Last modified: 2003-02-08 by dov gutterman
Keywords: suriname | boschneger |
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by Jaume Ollé, 21 Febuary 1997
In the 80s a guerilla group in Surinam controlled part of the
country. Is named Boschneger (Bosneger Party) and the leader was
Ronnie Bruswijk. I found a flag perhaps the Bosneger flag. I also
saw two other flags that use the same colours and light blue, in
diferent pattern, and include 24 stars each.
Jaume Ollé, 21 Febuary 1997
To understand the called Boschneger rebellion and related
evenements, it is important to place them in their historical
context. Starting in late 1986 and continuing into 1987, a
Maroon guerrilla movement, known as the Jungle Commando, led by
former Sgt. Ronnie Brunswijk, rose up against the Army headed by
then military dictator, Lt. Col. Desi Bouterse.
Army repression was swift, harsh, and indiscriminate against the Maroon people. (The Maroons, also known as Bush Negroes, are descendants of escaped African slaves. They constitute about 10% of the national population). As a result, thousands of Maroons and hundreds of Amerindians were uprooted from their homes. Over 200 were killed including women and children. Approximately 10,000 Maroons fled to French Guiana and an equal number moved to the capital, Paramaribo. The resolutions referred to above dealt with some of these cases.
However, in 1988, a new democratically elected Government was installed and one of its first tasks was to negotiate an end to the fighting between the Army and the Maroons. To that end, a tripartite agreement was drawn up among the Governments of France and Suriname and the United Nations High Commissioner for Refugees to provide for the safe return of the Surinamese Maroons who had taken sanctuary in camps near St. Laurent, French Guiana.
In addition, the Government negotiated a peace agreement known as the Kourou Accords with the Jungle Commando. This pact provided, among other things, that the Jungle Commando would serve as a police force in Maroon areas in eastern and south-central Suriname.
Before the Kourou Accords could be implemented, however, Army Chief, Lt. Col. Bouterse denounced them as "treason" and "unconstitutional." Since that time, the role of Lt. Col. Bouterse and the Army has grown to the point that the duly elected civilian authorities have, in reality, a secondary role in the peace process, supplanted in practical terms by the Army. This began with a series of private, fact to face meetings between Lt. Col. Bouterse and Jungle Commando leader Ronnie Brunswijk, in which the two apparently achieved, for a period, a sort of modus vivendi.
Thus, early October 1989, the city of Moengo, the bauxite center of Suriname, was peacefully occupied by the Jungle Commando with the acquiescence of the Army. Sometime thereafter, however, a group of Amerindians called Tucayama Amazons, allegedly organized and armed by Army, conducted a raid on the Jungle Commando forces in Moengo. It has been reported that 20 persons died in the fighting.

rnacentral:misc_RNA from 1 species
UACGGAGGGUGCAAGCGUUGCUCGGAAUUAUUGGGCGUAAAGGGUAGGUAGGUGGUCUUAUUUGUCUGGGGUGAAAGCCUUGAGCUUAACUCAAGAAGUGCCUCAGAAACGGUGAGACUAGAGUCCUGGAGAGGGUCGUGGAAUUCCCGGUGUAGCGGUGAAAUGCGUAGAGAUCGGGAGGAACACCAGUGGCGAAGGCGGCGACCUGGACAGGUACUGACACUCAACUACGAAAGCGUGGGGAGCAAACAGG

The Commission has been informed that the Army has taken advantage of ancient grudges held by some Amerindians against the Maroons who were relative latecomers to lands originally occupied by the native Amerindians. It appears that the Army has convinced some Amerindians that the Kourou Accords granted unfair advantages to the Maroons.
Since the initial attack, the Amerindians have divided into pro-Army and anti-Army camps with the former engaging in proxy fights with the national police on behalf of the Army, the historical rivals of the police. They have also been involved with the arbitrary detentions and killings of other Amerindians who oppose the Army's militarization of the Indians.
Evidence of complicity between the Army and the pro-Army faction of the Tucayana Indian leaders held a televised press conference in Lit. Col. Bouterse's Paramaribo office. The leaders publicly "declared war" on the national police force and threatened two journalists by name. Although Lt. Col Bouterse denied having prior knowledge of this event, but did not disavow it.
Violence between pro- and anti-Army Indian groups was particularly intense during February of this year. On February 5, 1990, the Army, in an attempt to protect its Indian allied, attacked the insurgents and reports reaching the Commission indicate that at least 14 Indians were killed. In addition, a number of insurgent Indians were captured and held incommunicado.
Lately theres some movements related with this evenements in Surinam:
- General Liberation and Development Party or ABOP, led by Ronnie BRUNSWIJK
- Mandela Bushnegro Liberation Movement, led by Leendert ADAMS
- Tucayana Amazonica led by Alex JUBITANA and Thomas SABAJO
Jaume Ollé, 30 January 2003
from the HPP site, located by Dov Gutterman, 29 August 2000
"Hernieuwde Progressieve Partij" - Renewed
Progressive Party (it's precursor was the Progressive Party)
Ton Zijlstra, 29 August 2000
by Mark Sensen, 26 March 1999
I located VHP flag at <www.parbo.com/vhp>.
I think there are no elephants in Suriname except in zoos and on
this party flag.
Dov Gutterman, 26 March 1999
From the same webpage: "The followers mainly consisted of
people of the countryside, predominantly descendants of British
Indian and Indonesian immigrants", ... and in those
countries elephants are no exception.
"Verenigde Hervormings Partij " In English is "Progressive Reformation Party", although the literal translation is "United Reformation Party".
Mark Sensen, 26 March 1999